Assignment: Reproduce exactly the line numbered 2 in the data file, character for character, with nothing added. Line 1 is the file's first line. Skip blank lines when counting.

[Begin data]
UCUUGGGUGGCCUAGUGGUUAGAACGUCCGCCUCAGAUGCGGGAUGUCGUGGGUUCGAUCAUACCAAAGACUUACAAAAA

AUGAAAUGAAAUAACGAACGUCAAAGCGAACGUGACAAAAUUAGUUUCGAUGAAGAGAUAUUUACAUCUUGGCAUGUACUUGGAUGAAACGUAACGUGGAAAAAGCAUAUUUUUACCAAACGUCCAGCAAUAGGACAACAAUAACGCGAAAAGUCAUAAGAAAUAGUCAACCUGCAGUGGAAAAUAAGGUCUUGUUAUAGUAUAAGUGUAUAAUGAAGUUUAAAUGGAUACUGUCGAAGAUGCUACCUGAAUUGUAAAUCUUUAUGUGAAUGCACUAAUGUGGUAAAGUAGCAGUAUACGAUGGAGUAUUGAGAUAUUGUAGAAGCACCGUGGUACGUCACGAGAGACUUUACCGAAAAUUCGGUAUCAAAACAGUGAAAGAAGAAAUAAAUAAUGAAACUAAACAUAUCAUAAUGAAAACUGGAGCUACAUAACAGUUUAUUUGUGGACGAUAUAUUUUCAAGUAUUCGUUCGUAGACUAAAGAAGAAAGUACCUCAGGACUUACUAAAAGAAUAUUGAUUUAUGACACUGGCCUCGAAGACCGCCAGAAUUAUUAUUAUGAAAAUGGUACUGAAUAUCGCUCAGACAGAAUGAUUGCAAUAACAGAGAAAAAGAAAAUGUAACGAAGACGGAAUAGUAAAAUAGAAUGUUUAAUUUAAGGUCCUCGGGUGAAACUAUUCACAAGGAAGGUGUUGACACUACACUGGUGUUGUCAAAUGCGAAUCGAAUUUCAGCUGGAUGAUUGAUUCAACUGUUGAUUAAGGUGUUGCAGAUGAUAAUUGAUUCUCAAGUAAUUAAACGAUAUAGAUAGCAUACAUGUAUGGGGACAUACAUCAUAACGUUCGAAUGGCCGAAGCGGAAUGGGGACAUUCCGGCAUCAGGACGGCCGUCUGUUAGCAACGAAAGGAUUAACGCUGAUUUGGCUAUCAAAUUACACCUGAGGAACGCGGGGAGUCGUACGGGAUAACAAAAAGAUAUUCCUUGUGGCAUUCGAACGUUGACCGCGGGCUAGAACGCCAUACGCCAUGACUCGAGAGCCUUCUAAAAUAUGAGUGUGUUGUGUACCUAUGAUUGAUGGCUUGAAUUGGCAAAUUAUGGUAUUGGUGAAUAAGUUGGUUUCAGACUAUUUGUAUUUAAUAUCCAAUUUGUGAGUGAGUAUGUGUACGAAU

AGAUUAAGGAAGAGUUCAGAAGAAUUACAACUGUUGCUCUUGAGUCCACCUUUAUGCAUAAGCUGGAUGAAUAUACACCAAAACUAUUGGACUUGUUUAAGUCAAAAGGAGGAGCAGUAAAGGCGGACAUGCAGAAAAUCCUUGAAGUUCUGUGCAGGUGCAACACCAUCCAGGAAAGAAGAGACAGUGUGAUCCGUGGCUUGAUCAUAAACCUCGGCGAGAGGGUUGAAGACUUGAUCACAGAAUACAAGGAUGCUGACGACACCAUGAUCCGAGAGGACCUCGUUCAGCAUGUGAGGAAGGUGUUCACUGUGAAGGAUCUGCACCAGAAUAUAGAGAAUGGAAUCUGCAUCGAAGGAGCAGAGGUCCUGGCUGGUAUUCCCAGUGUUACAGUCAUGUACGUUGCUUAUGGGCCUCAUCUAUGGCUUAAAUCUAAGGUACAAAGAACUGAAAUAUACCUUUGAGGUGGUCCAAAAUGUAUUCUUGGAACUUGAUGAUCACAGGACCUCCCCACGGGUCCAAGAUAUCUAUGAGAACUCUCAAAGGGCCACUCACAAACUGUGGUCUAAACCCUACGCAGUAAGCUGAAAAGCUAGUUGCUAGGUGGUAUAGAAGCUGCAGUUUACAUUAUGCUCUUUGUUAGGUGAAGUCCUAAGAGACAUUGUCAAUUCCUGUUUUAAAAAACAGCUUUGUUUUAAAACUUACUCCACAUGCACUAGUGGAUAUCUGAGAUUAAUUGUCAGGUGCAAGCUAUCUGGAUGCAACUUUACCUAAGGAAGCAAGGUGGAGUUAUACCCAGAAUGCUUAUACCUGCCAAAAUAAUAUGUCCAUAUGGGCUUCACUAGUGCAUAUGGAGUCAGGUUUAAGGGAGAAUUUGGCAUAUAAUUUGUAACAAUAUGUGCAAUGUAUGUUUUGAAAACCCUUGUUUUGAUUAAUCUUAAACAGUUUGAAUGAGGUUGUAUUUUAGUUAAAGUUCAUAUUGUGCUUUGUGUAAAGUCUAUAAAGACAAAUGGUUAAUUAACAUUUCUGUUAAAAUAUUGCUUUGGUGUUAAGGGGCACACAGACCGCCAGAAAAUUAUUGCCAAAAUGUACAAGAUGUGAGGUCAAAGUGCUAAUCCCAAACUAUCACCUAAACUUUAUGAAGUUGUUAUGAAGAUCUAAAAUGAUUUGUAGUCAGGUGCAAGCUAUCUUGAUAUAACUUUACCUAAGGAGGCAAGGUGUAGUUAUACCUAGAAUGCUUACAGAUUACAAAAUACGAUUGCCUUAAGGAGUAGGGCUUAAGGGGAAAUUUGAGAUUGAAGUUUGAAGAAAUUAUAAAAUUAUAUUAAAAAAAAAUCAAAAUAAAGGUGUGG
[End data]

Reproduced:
AUGAAAUGAAAUAACGAACGUCAAAGCGAACGUGACAAAAUUAGUUUCGAUGAAGAGAUAUUUACAUCUUGGCAUGUACUUGGAUGAAACGUAACGUGGAAAAAGCAUAUUUUUACCAAACGUCCAGCAAUAGGACAACAAUAACGCGAAAAGUCAUAAGAAAUAGUCAACCUGCAGUGGAAAAUAAGGUCUUGUUAUAGUAUAAGUGUAUAAUGAAGUUUAAAUGGAUACUGUCGAAGAUGCUACCUGAAUUGUAAAUCUUUAUGUGAAUGCACUAAUGUGGUAAAGUAGCAGUAUACGAUGGAGUAUUGAGAUAUUGUAGAAGCACCGUGGUACGUCACGAGAGACUUUACCGAAAAUUCGGUAUCAAAACAGUGAAAGAAGAAAUAAAUAAUGAAACUAAACAUAUCAUAAUGAAAACUGGAGCUACAUAACAGUUUAUUUGUGGACGAUAUAUUUUCAAGUAUUCGUUCGUAGACUAAAGAAGAAAGUACCUCAGGACUUACUAAAAGAAUAUUGAUUUAUGACACUGGCCUCGAAGACCGCCAGAAUUAUUAUUAUGAAAAUGGUACUGAAUAUCGCUCAGACAGAAUGAUUGCAAUAACAGAGAAAAAGAAAAUGUAACGAAGACGGAAUAGUAAAAUAGAAUGUUUAAUUUAAGGUCCUCGGGUGAAACUAUUCACAAGGAAGGUGUUGACACUACACUGGUGUUGUCAAAUGCGAAUCGAAUUUCAGCUGGAUGAUUGAUUCAACUGUUGAUUAAGGUGUUGCAGAUGAUAAUUGAUUCUCAAGUAAUUAAACGAUAUAGAUAGCAUACAUGUAUGGGGACAUACAUCAUAACGUUCGAAUGGCCGAAGCGGAAUGGGGACAUUCCGGCAUCAGGACGGCCGUCUGUUAGCAACGAAAGGAUUAACGCUGAUUUGGCUAUCAAAUUACACCUGAGGAACGCGGGGAGUCGUACGGGAUAACAAAAAGAUAUUCCUUGUGGCAUUCGAACGUUGACCGCGGGCUAGAACGCCAUACGCCAUGACUCGAGAGCCUUCUAAAAUAUGAGUGUGUUGUGUACCUAUGAUUGAUGGCUUGAAUUGGCAAAUUAUGGUAUUGGUGAAUAAGUUGGUUUCAGACUAUUUGUAUUUAAUAUCCAAUUUGUGAGUGAGUAUGUGUACGAAU